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Las Vegas, Nevada 89154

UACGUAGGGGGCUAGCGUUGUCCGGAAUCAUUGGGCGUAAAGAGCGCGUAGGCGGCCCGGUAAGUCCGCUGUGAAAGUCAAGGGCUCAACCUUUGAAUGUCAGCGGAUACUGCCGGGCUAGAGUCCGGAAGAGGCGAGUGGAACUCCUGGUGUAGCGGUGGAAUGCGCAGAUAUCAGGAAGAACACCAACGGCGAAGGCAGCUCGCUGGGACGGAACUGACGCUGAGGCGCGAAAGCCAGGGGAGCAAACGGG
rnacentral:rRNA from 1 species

Several animal and human epidemiologic studies have provided evidence that exercise may be neuroprotective in Parkinson's disease (PD). Exercise may forestall diagnosis and, in the case of those who have already been diagnosed with PD, it may slow the observed neurodegeneration. Unfortunately, because this line of research is in early stages, there is little evidence to indicate what biological mechanisms underlie the neuroprotection that is conferred with exercise. Toward this end, it is possible that an interaction between endogenous antioxidant enzymes, inflammatory processes, and reactive oxygen species may be associated with exercise improvements in PD. One of the most common reasons for premature death in PD is falls. Several meta-analyses have concluded that exercise training programs focused on balance and/or strength training are effective at improving aspects of balance. Taken together, the current body of evidence suggests that exercise may be neuroprotective and balance/strength training may decrease the likelihood of a fall. The combination of these efficacious treatment modalities (exercise and balance/strength training) in a comprehensive treatment approach to improve PD symptoms and balance has been previously reported at relatively mild or moderate exercise intensities. Because recent research has suggested that patients with PD may benefit more from more physically intense programs, we are proposing a more aggressive approach with regard to exercise intensity and frequency in the present trial. The primary purpose of this study is to determine the feasibility and safety of a high intensity exercise approach to PD. A secondary purpose is to determine the trajectory of change in outcomes over the duration of the trial from a high intensity fall prevention program. It is hoped that a signal of efficacy will allow this trial to progress to a comparative effectiveness trial. An important innovative design element is collecting biological assays to better understand the mechanism underlying the anticipated clinical improvements. Aim 1 is to test the feasibility of a high-intensity exercise and fall prevention boot camp (HIBC) in patients with PD by analyzing adherence and whether they achieve minimum Centers for Disease Control exercise standards (150 min/wk moderate level aerobic exercise; strengthening at least two times per week) for the duration of the trial. Aim 2 is to determine if participation in an 8-week HIBC under the direction of a physical therapist is safe for individuals with PD. Secondary Aim 3 is to determine if participation in an 8-week HIBC will produce a signal of efficacy for several physical outcomes: falls per physical activity ratio, balance efficacy, motor activity, fatigue, muscle strength, bone health, cognition/mood, and quality of life. Secondary Aim 4 is to determine if participation in an 8-week HIBC will produce a signal of efficacy for biological outcomes, anti-inflammatory cytokines and anti-oxidant enzymes. An additional exploratory aim will be an analysis of BDNF val66val, val66met, met66met polymorphisms to determine if there is a differential response to exercise. This trial is innovative because it utilizes a high intensity comprehensive exercise treatment approach (aerobic exercise, strengthening, and balance training). To our knowledge, there have been no trials of individuals with PD who have participated in a trial of this intensity in a group "boot camp" setting. Another innovative design element is the use of three novel assessments: biological assays of pro- and anti-inflammatory cytokines, endogenous anti-oxidant enzymes and a novel assessment of falls (falls per physical activity ratio). Participants will be randomly assigned into either an 8-week HIBC group or an 8-week usual care control group (standard, low intensity group therapy class) under the direction of physical therapists. Each group will have 15 participants with a 1:5 patient-to-therapist ratio. The HIBC will be 1.5 hours daily, Monday through Friday. Participants will be required to attend 3 out of the 5 days. The protocol of the HIBC will include the following exercise components: A. 30 minutes of moderate-high intensity aerobic exercise; B. 15 minutes of strengthening the major muscle groups; C. 15 minutes of balance training; and, D. 15 minutes of interspersed rest and stretching. Participants will rotate through these four exercise components. Participants will have one baseline test and assessments at the 2-week, 4 week, 8-week, and 6-month points. Outcomes of the primary aims (Aim 1 and Aim 2) will be frequency counts of participation, adverse events, and compliance with exercise. The outcomes for the secondary aims will include measures of balance and falls, physical capacity, fatigue, exercise/physical activity behavior, and biological assays.